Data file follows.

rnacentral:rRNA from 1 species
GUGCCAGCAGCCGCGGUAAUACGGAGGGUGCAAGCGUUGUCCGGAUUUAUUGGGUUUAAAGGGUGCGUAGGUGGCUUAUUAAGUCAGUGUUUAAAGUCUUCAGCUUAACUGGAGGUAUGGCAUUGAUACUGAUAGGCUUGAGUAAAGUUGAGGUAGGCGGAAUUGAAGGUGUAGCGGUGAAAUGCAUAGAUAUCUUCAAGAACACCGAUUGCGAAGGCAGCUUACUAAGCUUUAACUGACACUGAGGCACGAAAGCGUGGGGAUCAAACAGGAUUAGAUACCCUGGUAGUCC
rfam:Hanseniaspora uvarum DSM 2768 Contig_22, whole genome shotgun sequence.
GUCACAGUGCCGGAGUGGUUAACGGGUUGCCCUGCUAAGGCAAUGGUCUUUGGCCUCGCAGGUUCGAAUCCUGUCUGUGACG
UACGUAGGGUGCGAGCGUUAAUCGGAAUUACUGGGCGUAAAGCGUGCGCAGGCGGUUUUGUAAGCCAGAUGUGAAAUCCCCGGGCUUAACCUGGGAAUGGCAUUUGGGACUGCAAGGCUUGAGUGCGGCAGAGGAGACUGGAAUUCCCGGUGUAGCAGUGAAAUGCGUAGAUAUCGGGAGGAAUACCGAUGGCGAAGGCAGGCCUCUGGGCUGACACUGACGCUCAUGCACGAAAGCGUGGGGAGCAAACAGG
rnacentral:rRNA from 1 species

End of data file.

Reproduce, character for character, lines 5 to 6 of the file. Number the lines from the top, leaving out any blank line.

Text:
UACGUAGGGUGCGAGCGUUAAUCGGAAUUACUGGGCGUAAAGCGUGCGCAGGCGGUUUUGUAAGCCAGAUGUGAAAUCCCCGGGCUUAACCUGGGAAUGGCAUUUGGGACUGCAAGGCUUGAGUGCGGCAGAGGAGACUGGAAUUCCCGGUGUAGCAGUGAAAUGCGUAGAUAUCGGGAGGAAUACCGAUGGCGAAGGCAGGCCUCUGGGCUGACACUGACGCUCAUGCACGAAAGCGUGGGGAGCAAACAGG
rnacentral:rRNA from 1 species